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Business Negotiation Essay

Business negotiations typically involve the efforts to secure the interests of the respective parties by proposing policies or agreements that are favorable for the proposing side with the consent of the other party. Business interests are sensitive since they stand at the heart of every business negotiation. Thus, it is important to carefully consider the extent to which the other party may or may not agree with the proposals in the negotiation. Prudence is a crucial factor in this type of business activity.

There are several things that should and should not be done during a business negotiation. For one, it is important to keep in mind the limitations of each negotiating party. Offering proposals that are beyond the capabilities of other parties or can damage their business interests are likely to fail. Instead, offer proposals that are within the boundaries of the other party’s business interests and capabilities without sacrificing your business interests. This approach presupposes an understanding of one’s business interests as well as an understanding of the other party’s business interests.

An understanding of the other party’s business interest can be achieved through proper business research and using the most relevant data available. During the actual business negotiations, having

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the knowledge about the business interests of the other party can help gauge what proposals can be made and what objections can be raised. Another tip is to keep communication lines open. That is, all possible means of communication should be used to their fullest potential especially prior to entering into a business negotiation.

That is because proper understanding of each one’s goals and prerogatives is vital to the progress of the entire negotiation. With such an understanding, both parties can easily reach the state of “equilibrium” where, according to James K. Sebenius (1992), “each party, given the choices of the other parties, has no incentive to change its plans” (Sebenius, 1992, p. 18). However, other factors bear significant weight prior to the attainment of such an equal condition. One of such factors is the anticipation of a probable disagreement arising from conflicts in business interests.

According to Shankar Ganesan (1993), conflicts of business interests usually become more prominent when the negotiating parties offer their own proposals that are directly or indirectly opposite to the proposals of the other party (Ganesan, 1993, p. 188). Thus, in a business negotiation, a negotiator should not press nor entirely expect the other party to adhere to his proposals. Rather, a negotiator should see to it that he is fully aware of the business concerns of the other party and should consider the offers given by the other side.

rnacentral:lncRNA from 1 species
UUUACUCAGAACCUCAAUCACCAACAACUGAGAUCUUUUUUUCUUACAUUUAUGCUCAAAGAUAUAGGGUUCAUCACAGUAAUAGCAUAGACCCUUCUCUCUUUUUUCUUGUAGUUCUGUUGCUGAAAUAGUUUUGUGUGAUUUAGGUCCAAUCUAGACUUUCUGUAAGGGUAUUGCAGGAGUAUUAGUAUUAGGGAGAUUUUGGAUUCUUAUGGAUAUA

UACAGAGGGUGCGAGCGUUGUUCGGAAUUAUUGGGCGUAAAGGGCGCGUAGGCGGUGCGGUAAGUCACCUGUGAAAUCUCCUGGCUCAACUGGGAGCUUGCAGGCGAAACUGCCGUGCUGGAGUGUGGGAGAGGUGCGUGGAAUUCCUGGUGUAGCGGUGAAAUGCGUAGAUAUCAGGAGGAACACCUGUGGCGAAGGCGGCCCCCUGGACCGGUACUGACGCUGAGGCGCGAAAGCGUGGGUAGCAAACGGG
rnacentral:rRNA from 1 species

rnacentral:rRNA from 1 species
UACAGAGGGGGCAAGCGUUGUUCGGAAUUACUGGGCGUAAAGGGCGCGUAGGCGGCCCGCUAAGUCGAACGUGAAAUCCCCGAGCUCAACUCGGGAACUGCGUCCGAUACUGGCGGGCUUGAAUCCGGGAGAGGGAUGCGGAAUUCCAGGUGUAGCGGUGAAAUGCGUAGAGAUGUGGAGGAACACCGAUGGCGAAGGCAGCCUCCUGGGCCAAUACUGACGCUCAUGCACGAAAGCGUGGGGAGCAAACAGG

Failure to give space to what the other party has to say or propose can ultimately end the negotiation to a stalemate. Worse, negotiation disagreements can lead to distrust and an unfriendly business relationship among the negotiating sides, thereby preempting the possibility of future negotiations. Other “do’s” in a business negotiation include the need to maintain a warm but professional environment. Negotiators should strive to keep a business atmosphere where each individual is comfortable and is free from outside distraction.

Negotiations should be arranged in places where there is minimal or zero distraction from uninvolved people especially the public and where negotiators can actually talk to and listen to one another. Courtesy should be observed during the negotiation process. Any unruly or untoward behavior should be avoided as business negotiations are typically “formal” in nature and require civil behavior. References Ganesan, S. (1993). Negotiation Strategies and the Nature of Channel Relationships. Journal of Marketing Research, 30(2), 183-203. Sebenius, J. K. (1992). Negotiation Analysis: A Characterization and Review. Managment Science, 38(1), 18-38.

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